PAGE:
The research led by the Hertie School explores how Berlin, London, New York City, Paris and Toronto responded to protect their cultural ecosystem in the Covid-19 crisis. How can policymakers better protect cultural actors and strengthen the diversity and resilience of the cultural sector?
The pandemic has closed museums, shuttered concert halls and cancelled theatre performances across the globe, threatening the livelihoods of artists, technicians and musicians and leaving many in the cultural industries fighting for survival. A new study by the Hertie School’s Helmut Anheier, Katrin Winkler and the Technische Universität Berlin’s Janet Merkel explores how five cultural capitals – Berlin, London, Paris, Toronto and New York City – supported their artists, creatives and cultural organisations during this unprecedented crisis.
The research project, supported by the Allianz Kulturstiftung, focuses on the response of each city between March and late summer 2020. While each had to address individual challenges, they also shared similar problems, such as the uncertainty of the pandemic’s progression, ever-changing rules and restrictions or coordinating between multiple layers of government.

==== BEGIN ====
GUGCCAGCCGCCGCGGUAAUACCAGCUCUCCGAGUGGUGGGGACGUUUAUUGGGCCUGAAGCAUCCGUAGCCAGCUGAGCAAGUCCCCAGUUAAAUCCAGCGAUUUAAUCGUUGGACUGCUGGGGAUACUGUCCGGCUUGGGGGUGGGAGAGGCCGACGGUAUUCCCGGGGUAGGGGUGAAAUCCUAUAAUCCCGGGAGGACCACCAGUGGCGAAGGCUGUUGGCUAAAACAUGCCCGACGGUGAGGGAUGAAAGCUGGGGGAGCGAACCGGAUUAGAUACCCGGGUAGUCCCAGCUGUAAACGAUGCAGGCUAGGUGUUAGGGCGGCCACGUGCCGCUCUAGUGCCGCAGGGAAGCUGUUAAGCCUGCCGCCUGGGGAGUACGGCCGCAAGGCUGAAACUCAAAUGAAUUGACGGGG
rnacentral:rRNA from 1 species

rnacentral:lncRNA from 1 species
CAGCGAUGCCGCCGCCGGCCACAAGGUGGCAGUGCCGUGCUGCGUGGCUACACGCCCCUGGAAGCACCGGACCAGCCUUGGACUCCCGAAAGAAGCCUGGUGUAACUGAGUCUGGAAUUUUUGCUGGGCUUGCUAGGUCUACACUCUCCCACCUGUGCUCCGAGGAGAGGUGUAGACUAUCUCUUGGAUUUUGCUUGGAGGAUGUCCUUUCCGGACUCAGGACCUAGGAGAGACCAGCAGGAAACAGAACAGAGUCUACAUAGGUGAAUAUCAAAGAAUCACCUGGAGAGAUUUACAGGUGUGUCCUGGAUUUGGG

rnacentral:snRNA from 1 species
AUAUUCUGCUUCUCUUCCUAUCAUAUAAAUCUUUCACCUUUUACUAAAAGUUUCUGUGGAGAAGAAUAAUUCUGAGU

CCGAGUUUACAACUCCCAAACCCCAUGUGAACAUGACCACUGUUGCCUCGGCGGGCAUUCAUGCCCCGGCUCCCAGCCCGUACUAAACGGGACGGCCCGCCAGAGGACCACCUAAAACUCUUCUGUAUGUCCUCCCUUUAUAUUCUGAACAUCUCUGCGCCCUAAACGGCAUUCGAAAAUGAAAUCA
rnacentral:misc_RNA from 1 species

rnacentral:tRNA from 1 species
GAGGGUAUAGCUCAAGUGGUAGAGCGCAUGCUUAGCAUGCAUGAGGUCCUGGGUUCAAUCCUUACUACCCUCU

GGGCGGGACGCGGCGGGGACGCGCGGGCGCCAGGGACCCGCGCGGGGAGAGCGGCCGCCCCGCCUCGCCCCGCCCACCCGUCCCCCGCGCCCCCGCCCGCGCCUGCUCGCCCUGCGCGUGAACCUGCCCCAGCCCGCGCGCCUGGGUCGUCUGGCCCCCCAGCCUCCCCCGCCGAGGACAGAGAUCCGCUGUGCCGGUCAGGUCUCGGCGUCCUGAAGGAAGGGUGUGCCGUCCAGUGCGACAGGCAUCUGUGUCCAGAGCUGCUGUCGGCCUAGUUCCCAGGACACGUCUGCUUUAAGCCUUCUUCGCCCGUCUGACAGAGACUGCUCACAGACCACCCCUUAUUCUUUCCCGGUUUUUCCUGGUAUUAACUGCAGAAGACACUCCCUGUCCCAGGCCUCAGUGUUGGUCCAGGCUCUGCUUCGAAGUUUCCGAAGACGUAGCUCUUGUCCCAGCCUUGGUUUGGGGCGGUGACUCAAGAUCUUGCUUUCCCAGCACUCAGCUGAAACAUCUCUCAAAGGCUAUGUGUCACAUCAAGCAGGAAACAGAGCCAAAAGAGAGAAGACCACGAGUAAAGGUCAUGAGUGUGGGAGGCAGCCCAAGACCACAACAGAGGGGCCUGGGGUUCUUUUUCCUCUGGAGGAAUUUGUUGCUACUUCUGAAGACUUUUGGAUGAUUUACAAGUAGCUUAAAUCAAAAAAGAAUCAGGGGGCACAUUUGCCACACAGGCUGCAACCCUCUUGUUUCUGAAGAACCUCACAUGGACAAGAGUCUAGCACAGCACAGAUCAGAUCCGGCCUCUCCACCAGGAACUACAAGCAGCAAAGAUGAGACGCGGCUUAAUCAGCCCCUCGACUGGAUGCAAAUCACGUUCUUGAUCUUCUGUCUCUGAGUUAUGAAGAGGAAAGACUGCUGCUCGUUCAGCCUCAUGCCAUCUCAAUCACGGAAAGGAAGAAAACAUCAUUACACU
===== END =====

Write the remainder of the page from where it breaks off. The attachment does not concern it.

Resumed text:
Where some fared well, others lacked in their response. In Berlin, for instance, local governments reacted quickly and generously to support the cultural scene with special funding grants and adapted emergency programmes based on feedback. In London, the Mayor of London’s culture and creative industries team helped distribute aid more efficiently, but at the same time there was a significant delay in financial support from the national government. A coordinated, multilevel response worked best in Paris and Toronto. In Paris, the city could rely on burden-sharing with the national government, and Toronto integrated the broadest spectrum of governmental tools into its response, such as tax relief for cultural organisations. Meanwhile, in New York City, officials worked closely with private foundations to mobilise funds for a cultural rescue effort.
About the Authors
Helmut K. Anheier is Professor and past President of the Hertie School, and member of the Luskin School of Public Affairs, UCLA. His research centres on indicator systems, non-profit organizations and philanthropy, culture, and organisational studies.
Janet Merkel is a Senior Researcher at the Technical University Berlin’s Institute of Urban and Regional Planning. Her work focuses on creativity as a socio-cultural and socio-material process and brings economic and cultural sociology into urban sociology for a better understanding of creative industries development in cities.
Katrin Winkler is a Research Associate at the Hertie School. Her work focuses on questions of cultural policy and cultural diplomacy.